It may not set the world on fire (ho ho), but Amazon’s debut smartphone has some slick 3D tricks up its display. Amazon Store addicts will be enthralled. The rest of us will probably go ‘meh’
Following its launch in the US earlier this year, the Amazon Fire Phone has now made its way to these shores. The device forms part of Amazon’s expansive electronics strategy, as it now manufactures everything from tablets to set-top TV boxes.
In the US, the Fire Phone’s reception was underwhelming to say the least, and Amazon recently cut its price on contract – a sign that perhaps sales of the premium device weren’t as high as it was expecting.
But now that it has graced us Brits with its presence, we shall put its lacklustre backstory behind us and judge the Fire Phone on its merits. Amazon has promised plenty of unique features, including 3D-style visuals and new tilt controls. The biggest obstacle, however, will be converting the Android and iOS masses to Amazon’s retail-centric software environment, which is integral to the device.
Amazon has conservatively stuck to all-black for the Fire Phone. At least the outer edges of the handset contain a continuous rubberised frame, which should mean it can take a tumble or two.
A minimal aesthetic is seen across the device. Although the front houses the five cameras that enable its 3D depth imaging and face-tracking functions, they are so small as to be hardly noticeable.
Additionally, there is a small rectangular speaker on the top bezel and a rectangular home button at the bottom. The glass back of the handset makes it look glossier than the front. It also houses the rear camera and LED flash and the rather prominent Amazon logo.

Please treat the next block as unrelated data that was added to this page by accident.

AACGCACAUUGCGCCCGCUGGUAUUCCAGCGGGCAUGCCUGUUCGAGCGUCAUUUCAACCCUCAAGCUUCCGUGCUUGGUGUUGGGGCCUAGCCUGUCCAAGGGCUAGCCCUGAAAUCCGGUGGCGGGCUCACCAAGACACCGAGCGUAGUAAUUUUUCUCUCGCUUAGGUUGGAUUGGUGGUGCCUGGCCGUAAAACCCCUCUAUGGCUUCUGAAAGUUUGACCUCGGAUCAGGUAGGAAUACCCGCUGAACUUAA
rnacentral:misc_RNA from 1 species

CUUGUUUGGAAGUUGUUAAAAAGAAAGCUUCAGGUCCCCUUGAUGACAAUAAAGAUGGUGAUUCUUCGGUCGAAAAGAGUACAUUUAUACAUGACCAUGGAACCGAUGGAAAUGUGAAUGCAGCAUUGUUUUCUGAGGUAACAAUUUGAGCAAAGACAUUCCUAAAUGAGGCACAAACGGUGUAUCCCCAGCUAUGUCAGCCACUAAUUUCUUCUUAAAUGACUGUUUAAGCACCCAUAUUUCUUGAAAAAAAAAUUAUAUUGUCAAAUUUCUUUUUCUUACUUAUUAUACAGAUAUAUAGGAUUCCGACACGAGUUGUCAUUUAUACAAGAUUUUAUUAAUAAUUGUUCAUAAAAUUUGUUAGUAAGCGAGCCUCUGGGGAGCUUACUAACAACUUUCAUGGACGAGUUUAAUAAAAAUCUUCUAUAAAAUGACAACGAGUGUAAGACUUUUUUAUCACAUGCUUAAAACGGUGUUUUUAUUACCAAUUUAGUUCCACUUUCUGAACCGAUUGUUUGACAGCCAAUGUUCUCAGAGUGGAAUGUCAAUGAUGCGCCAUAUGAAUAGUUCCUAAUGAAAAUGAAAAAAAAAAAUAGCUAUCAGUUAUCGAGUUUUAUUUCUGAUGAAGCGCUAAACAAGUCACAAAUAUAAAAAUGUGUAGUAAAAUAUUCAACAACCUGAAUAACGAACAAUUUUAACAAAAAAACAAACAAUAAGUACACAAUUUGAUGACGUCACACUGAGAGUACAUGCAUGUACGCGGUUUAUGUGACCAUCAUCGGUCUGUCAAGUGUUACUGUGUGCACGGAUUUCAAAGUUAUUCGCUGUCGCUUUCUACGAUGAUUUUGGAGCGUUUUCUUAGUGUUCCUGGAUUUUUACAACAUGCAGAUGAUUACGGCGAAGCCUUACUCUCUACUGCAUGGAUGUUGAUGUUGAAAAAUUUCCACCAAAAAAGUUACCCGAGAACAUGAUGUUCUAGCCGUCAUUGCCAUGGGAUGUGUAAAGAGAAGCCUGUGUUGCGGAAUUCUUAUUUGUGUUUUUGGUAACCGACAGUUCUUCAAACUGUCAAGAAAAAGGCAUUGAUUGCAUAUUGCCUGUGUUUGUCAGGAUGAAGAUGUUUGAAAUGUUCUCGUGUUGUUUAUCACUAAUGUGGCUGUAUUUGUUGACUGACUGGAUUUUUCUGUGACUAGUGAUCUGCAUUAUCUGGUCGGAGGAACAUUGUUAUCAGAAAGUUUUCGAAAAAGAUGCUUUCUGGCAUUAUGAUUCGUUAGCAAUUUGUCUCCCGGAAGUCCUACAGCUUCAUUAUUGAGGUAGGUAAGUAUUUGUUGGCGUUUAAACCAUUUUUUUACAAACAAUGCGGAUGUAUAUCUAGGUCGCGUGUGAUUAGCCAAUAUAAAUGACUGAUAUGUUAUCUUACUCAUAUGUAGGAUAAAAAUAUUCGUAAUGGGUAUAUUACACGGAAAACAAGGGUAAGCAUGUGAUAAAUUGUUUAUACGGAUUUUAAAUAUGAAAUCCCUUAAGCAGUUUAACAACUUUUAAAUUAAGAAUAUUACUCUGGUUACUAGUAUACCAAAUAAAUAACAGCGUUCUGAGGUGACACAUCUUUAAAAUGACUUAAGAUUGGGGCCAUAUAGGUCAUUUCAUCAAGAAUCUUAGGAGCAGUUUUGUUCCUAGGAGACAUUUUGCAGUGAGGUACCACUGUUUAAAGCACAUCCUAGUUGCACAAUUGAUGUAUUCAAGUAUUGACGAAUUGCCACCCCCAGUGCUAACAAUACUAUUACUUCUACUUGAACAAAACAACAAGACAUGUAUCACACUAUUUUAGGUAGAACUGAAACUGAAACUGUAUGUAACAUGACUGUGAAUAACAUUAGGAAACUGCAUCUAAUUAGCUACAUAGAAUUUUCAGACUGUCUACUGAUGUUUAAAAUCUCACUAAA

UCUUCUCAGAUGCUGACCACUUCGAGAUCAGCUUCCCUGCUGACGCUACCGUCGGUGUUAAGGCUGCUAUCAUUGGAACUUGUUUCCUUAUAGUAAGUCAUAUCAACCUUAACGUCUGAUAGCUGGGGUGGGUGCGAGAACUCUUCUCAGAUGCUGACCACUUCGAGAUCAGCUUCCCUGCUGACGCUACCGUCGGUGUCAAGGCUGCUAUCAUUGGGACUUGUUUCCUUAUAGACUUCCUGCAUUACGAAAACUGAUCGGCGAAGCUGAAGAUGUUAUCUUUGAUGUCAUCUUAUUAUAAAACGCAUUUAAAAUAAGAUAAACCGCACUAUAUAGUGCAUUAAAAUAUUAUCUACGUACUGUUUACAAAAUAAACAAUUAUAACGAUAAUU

Although its 4.7-inch display means the Amazon Fire is the same size as an iPhone 6, it’s a bulkier device and weighs a lot more than Apple’s counterpart (160g compared to 129g). Its shape and curved corners bring it closer in design to the affordable Nokia Lumia 630. However, its build definitely looks more premium than the Lumia.
In terms of physical control buttons, where we felt Amazon went wrong was the addition of a camera button next to the volume controls. We aren’t doubting its functionality, the problem lies with usability and human error.
Its resemblance and close proximity mean we kept pressing the camera button when we wanted to lower the volume.
It could be an initial stumbling block for other users too, but you can condition yourself to overcome it over time.
Users of bright, customisable handsets such as the Motorola Moto G or Nokia Lumia range might yearn for replaceable back covers when making the jump to the Fire. The panel cannot be removed, meaning the device does not contain a removable battery.
Purely in terms of looks, we like the minimal design of the Fire Phone. It reminds us that keeping things simple is often the best option.
As it’s a completely new device, the Amazon Fire Phone will require a bit of getting used to for Android, iOS and Windows users looking to switch.